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Darwinian Ideology: A Worldview Lens without Bounds

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Conference: The impact of Darwinian Ideology on the Sciences, Education and Society

Darwinian Ideology: A Worldview Lens without Bounds

The pervasive influence of Darwin

Georges P. Carillet July 13, 2009

Charles Darwin is considered by many in the intellectual world to be the most influential person since the 18th century. Darwin’s name is inextricably linked to the various theories of evolution, but especially to ‘common descent.’[1] For the man on the street, Darwin’s name is synonymous with the word ‘evolution.’ Darwin’s influence is directly and indirectly discoverable in most any field of study, but particularly in the soft and hard sciences. Darwinism has become the interpretive framework, the lens through which most anything can be viewed. Darwin’s influence goes far beyond his explanation of what is observed in nature. Some of these implications were noted by Darwin himself; many of them developed later. On the other hand, he, as with many today who espouse Darwinian evolution, might not approve of all that has been claimed in his name.

In this year of celebration, both of the birth of Charles Darwin 200 years ago[2] and the publication of On the Origin of the Species 150 years ago,[3] Darwin’s theory of evolution’ is regarded by many scientists as something proven[4]; however, a growing number of scientists find much that is yet to be proven and that which is yet to be proven is vital to support the theory of common descent. The current theories of evolution cannot explain everything they claim to explain about origins. Some theories appear to explain some things rather well (in microevolution[5]) but other things not so well (in macroevolution[6]).

For decades, outright opposition to the traditional explanation of Darwinian and neo-Darwinian evolution[7] as the answer to the question of the origin of human life has come from various theistic circles which saw it as a threat to theism or their understanding of creation based on the book of Genesis. However, recent rumblings of discontent have come from within the Western scientific community, including from those who have otherwise been supportive of Darwinian evolution,[8] because of weaknesses they see in the theory.[9] They have not abandoned evolutionary theory altogether but they do not find neo-Darwinism a satisfactory explanation for the existence of all biological life.[10] Their ideologies were not the starting point of their discontent, for some were theists, some atheists, some agnostics.[11]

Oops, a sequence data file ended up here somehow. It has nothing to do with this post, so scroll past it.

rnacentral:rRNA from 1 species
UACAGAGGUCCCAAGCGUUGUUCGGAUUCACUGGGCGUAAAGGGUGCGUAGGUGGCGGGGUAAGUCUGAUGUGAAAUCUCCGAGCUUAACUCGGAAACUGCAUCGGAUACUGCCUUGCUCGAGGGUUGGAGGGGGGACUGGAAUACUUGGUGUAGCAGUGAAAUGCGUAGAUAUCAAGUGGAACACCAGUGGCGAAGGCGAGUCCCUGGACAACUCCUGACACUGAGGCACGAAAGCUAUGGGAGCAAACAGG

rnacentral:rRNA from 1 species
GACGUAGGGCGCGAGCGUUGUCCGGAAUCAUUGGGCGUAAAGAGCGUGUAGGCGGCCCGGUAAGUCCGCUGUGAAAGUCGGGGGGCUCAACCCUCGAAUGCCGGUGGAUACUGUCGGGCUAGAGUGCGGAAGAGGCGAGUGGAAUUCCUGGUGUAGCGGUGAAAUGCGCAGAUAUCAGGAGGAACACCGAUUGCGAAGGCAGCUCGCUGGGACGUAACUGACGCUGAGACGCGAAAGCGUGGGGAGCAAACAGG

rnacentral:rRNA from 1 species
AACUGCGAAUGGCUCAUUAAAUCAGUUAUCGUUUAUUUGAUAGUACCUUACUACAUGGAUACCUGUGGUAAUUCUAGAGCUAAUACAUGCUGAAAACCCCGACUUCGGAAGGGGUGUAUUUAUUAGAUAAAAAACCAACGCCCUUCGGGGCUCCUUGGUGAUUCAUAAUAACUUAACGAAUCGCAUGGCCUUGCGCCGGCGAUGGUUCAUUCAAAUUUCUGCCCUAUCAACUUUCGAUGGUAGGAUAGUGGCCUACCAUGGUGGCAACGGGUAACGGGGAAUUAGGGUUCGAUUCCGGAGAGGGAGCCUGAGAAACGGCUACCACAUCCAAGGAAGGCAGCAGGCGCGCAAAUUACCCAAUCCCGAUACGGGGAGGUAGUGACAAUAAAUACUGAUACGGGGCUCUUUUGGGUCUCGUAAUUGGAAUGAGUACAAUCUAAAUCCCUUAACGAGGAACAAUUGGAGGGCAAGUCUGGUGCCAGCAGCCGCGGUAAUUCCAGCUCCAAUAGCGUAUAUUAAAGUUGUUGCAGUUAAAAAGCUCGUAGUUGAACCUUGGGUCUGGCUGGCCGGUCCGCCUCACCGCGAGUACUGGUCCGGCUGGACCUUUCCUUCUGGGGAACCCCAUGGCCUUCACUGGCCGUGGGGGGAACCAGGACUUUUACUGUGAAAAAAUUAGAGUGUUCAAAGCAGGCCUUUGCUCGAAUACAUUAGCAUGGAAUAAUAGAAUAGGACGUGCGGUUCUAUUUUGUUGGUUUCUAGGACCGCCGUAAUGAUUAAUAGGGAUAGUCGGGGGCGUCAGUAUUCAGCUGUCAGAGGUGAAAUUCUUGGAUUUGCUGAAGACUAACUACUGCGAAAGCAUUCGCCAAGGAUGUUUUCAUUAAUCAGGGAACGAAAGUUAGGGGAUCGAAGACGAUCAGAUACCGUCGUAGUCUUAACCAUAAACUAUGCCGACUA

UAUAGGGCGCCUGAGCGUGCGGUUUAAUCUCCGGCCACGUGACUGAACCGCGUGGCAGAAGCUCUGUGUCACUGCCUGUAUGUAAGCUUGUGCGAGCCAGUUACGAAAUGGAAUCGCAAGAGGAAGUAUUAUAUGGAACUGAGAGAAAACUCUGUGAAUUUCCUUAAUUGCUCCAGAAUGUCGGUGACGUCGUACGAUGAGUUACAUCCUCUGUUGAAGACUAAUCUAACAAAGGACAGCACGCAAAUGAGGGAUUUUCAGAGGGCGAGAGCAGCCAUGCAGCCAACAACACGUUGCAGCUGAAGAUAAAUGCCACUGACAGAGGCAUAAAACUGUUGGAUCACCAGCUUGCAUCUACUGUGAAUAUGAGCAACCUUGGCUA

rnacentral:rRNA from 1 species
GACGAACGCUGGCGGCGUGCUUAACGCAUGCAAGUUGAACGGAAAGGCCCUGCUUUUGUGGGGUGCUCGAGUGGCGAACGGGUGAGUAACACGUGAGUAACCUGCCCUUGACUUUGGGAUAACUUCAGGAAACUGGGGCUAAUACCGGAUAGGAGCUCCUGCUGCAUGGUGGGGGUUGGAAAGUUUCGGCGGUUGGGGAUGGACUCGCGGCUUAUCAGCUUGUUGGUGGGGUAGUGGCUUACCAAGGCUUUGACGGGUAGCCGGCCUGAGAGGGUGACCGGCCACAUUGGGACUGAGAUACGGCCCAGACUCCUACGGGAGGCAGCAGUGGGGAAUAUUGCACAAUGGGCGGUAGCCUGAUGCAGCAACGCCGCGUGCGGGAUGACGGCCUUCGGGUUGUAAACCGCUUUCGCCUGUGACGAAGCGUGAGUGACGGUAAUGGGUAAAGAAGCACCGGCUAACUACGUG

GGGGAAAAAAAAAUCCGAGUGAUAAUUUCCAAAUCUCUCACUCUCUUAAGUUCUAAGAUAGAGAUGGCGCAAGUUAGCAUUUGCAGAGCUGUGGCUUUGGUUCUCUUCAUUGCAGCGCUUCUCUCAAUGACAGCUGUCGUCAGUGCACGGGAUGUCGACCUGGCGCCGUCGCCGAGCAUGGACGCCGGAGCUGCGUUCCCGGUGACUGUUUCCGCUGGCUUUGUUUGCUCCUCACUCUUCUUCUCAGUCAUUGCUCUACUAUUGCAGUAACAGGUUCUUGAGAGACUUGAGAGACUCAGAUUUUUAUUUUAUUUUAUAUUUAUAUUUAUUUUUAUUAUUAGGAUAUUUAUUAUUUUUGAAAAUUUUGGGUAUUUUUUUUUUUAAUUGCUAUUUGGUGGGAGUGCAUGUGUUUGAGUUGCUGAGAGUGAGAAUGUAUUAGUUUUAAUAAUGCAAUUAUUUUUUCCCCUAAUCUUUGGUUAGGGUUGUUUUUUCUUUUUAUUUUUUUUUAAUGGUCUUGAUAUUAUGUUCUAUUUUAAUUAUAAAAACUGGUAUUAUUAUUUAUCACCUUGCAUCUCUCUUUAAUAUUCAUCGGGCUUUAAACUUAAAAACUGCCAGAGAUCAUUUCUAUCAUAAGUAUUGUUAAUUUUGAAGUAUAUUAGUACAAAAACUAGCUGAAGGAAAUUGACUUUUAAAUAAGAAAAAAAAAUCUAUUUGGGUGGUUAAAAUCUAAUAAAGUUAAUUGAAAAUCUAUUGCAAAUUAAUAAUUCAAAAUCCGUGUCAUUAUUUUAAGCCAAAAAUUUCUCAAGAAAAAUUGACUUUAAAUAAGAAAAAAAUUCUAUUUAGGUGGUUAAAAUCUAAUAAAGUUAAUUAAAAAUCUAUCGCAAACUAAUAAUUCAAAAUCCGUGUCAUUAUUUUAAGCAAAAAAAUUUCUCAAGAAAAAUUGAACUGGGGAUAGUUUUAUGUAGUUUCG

These rumblings found their way into the popular media and conversations from pub to public square.  But everywhere the term ‘evolution’ suffers from a lack of definition and distinctions. The broad use of the term, particularly the lack of distinguishing between microevolution and macroevolution, leads to confusion and people talking past one another. Our conference is concerned about the ideologies that have been created on the basis of Darwinian evolution and philosophical naturalism, and their implications and results. It also calls into question the interpretation of the data that is used to support ‘common descent,’ suspecting that ideology is more influential than the data.[12]  Some evolutionists would strongly contend that this is not true of the majority of evolutionists in the West.[13]

The issues that lie behind the science and the interpretation of the scientific data are most often worldview issues. It is the interpretive element which gives rise to debate. The idea that even the hard sciences are totally objective in their interpretations and conclusions has been legitimately questioned for decades.[14] Though we grant that there is an objective reality subject to examination, we still must conclude that there is no such thing as self-interpreting data – the human element is the subjective element – thus there is a subjective element to science in the interpretive process.[15] This is where one’s worldview has a significant impact. It is because of the interaction between worldview and scientific data that ‘Darwinism’ has become so pervasive. The term has broad and questionable usage, which in part has contributed to its pervasive influence.

In popular media that touches on biological life at all, it is as if “Darwinism” is not just a theory of biological evolution, but a quasi worldview that, as Dawkins proudly announces, “explains everything.” [16]  It is the organizing and interpretive element or filter for various secular worldviews. In reality it is Darwinian naturalism that is the worldview influence. Herein lies the reason for so much heated debate in the West – the collision or collusion of the empirical and metaphysical, of science and philosophy, of science and the humanities, and science and religion. This is about interpretation, not objective data.  

In the West,[17] what began as a defensive tactic by atheists’ not letting “a divine foot in the door” (Richard Lewontin )[18] is growing into militant animosity toward theists by some prominent scientists who are atheists.[19] On the other hand, it has been argued that ‘creationists’ worldview commitments keep them from doing good science and facing biological facts.

The evidence for macroevolution is still subject to investigation and interpretation.[20] The influence of one’s worldview should be taken into consideration and not underestimated. This is true of both the Darwinian evolutionist and those who disagree with them. Those who oppose ‘evolution’ must be clear about what it is they oppose, and why.[21] Presuppositions are not necessarily bad (though they can be wrong), if they are known, confessed and accounted for.

Darwinism’s other “isms”